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Nonfiction Matters
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Content, Content, Content

Last, President Obama spoke of America’s “Sputnik moment” and vowed to hire 100,000 new science and math teachers. Nice. But he had better hurry up. Yesterday the Nation’s Report Card (National Assessment of Educational Progress) came out, and it showed terrible results: The report writers suggested some caution — the tests are different than in the past, so we cannot measure change. But we can say that just 34% of fourth graders, 30% of eighth graders, and a shocking 21% of twelfth graders — those about to be our so-called world-class, innovative, work force of the future, are “proficient” in science — in other words, this is not a test of excellence, it is a test of basic mastery. The great accomplishment of our educational system and our society is that one-fifth of those kids who reach 12th grade actually know the basics of science. Want to know the one area where 12th graders are even worse than in science?…..history.

I have been writing about this since my very first blog here two years ago. We can blame society for not funding schools well enough, we can blame NCLB and the focus on testing, we can blame the media for being more concerned (pro or con) with Skins on MTV or the latest buzz about American Idol than anything in the classroom. But anyone who reads this blog is in some way involved with kids, reading, writing, books, and, often, school. And it has to matter to us. It has to matter to create books on science and history that kids will read. It has to matter to us to reach out to teachers and half convince and half help them to use our books. It has to matter to us that, when we meet anyone involved with kids and that person says — I hate math, or History is boring, or I just love story I can’t stand facts and figures — that we make sure that person realizes that, while those may be private feelings, they are public failings. Teachers, librarians, authors — content matters. It matters that we as adults know science and history. We have to know enough to pass it along. Otherwise what we communciate to young people is that ignorance is bliss, science is for geeks, history is dull and dead — lets read another novel.

I recently met a retired college physics teacher who told me thought it was a waste of time for high school teachers to take graduate classes in science. They don’t need that, he said, they need really good undergraduate classes — they have to have a deep, secure, knowledge of the kind of science they need to share with kids. So he convinced his education school to add undergraduate science classes for graduate-level teacher-in-training. Maybe that is what we need in history — in Ed School make sure you take one really good year of US history, and one really good year of World History — so you go out into the schools with some deep, secure, knowledge. If you are motivated add more — but start from a solid base. How’s that for a plan?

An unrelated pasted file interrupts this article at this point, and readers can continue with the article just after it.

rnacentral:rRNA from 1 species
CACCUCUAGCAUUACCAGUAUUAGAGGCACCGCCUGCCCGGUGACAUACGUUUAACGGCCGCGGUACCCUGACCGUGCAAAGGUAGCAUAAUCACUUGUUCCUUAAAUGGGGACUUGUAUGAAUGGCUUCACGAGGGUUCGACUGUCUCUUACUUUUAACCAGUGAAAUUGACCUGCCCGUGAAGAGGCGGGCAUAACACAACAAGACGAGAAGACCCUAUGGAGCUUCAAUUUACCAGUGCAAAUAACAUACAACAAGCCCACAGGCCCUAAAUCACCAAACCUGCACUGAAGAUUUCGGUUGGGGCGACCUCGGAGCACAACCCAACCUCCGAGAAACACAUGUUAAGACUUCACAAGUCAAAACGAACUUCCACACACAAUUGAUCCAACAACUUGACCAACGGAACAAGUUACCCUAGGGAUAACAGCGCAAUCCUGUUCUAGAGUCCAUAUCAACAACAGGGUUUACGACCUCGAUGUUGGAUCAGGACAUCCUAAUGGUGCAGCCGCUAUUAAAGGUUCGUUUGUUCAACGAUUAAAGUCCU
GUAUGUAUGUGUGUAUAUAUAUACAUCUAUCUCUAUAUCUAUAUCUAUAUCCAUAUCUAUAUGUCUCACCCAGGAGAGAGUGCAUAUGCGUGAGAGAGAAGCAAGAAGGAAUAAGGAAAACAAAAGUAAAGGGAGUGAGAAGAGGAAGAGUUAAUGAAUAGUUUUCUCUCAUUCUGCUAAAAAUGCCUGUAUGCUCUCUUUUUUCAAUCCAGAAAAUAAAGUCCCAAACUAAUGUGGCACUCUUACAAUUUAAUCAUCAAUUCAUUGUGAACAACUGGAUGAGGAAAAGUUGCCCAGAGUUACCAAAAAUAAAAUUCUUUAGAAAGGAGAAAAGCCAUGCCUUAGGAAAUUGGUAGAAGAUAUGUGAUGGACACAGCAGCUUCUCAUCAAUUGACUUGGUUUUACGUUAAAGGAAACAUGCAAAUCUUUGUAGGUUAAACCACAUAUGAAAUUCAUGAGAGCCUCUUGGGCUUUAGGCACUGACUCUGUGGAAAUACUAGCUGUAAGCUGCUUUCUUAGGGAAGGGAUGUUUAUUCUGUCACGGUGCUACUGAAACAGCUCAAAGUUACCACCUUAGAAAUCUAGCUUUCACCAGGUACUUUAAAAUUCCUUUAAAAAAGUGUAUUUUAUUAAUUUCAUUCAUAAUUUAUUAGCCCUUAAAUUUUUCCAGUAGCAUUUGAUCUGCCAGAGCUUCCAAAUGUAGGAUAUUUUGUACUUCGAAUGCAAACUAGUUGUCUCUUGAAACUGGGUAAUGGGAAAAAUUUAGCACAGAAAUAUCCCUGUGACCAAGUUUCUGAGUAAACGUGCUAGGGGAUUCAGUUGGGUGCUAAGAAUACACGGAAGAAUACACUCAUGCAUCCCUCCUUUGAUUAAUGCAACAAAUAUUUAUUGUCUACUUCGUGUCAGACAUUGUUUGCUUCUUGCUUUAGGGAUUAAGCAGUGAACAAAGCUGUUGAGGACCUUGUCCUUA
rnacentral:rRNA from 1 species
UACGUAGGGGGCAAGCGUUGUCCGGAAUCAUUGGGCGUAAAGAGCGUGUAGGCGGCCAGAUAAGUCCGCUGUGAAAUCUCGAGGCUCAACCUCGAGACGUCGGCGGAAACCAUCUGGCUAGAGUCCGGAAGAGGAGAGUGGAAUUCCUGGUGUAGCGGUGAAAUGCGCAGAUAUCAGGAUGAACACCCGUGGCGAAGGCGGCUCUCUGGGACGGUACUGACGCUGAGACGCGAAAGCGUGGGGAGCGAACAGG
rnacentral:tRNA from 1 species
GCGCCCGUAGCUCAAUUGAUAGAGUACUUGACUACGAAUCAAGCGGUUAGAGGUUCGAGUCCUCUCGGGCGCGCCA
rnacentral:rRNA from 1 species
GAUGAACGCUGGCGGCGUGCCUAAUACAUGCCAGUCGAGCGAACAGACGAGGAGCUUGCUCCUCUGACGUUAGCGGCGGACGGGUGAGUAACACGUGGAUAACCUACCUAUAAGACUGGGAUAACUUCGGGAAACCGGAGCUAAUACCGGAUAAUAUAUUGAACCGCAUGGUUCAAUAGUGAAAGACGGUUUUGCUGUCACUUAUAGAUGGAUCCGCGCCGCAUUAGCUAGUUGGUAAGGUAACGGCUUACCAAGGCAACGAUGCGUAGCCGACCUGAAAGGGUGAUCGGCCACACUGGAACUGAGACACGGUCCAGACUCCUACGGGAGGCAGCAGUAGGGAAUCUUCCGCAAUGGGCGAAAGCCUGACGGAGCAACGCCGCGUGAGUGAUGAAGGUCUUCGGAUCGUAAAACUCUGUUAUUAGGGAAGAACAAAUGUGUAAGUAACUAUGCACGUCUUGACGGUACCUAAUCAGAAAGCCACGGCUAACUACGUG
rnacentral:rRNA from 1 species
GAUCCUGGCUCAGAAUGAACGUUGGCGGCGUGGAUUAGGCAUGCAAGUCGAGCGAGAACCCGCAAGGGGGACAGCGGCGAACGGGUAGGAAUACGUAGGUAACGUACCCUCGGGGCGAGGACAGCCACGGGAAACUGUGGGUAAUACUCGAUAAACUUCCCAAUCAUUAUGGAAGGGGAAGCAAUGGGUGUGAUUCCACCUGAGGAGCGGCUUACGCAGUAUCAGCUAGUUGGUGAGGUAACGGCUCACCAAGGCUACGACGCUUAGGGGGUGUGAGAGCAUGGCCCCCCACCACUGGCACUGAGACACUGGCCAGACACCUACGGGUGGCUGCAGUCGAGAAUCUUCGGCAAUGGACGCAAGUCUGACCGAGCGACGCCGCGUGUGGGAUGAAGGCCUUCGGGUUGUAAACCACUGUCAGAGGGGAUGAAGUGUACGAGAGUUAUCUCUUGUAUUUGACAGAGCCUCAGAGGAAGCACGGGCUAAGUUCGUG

1. What is the best way for those of us invested in the hard work of educating young people advocate from our different corners of the school universe? As writers, teachers, teacher educators, administrators, and librarians, working with the professional organizations that represent content (NSTA, NCSS, NCTE, NCTM) learning, can we organize and communicate a common vision or set of principles for states to consider? Because essentially, when it comes to teacher preparation, we’re unfortunately talking (much like the NAEP) about basic skills. Whatever it is that states determine are the basic set of courses/content that teachers should know sets the standard. No one school can go out on a limb and require more, because no one can pay for it. To what extent can we parallel the preparation of teachers to the preparation of doctors? With all that’s wrong with health care delivery in this country, no one is advocating shortening medical school; no one is arguing that doctors don’t need ongoing professional development in order to use best practices; no one suggests that you can become a doctor with on-the-job training. So how do we take the Teacher Residency Model of preparation and scale it up? How do we allow for staggered entry into the field with lots of mentoring, combined with classes on methods, content, and human development?

  2. Marc Aronson says: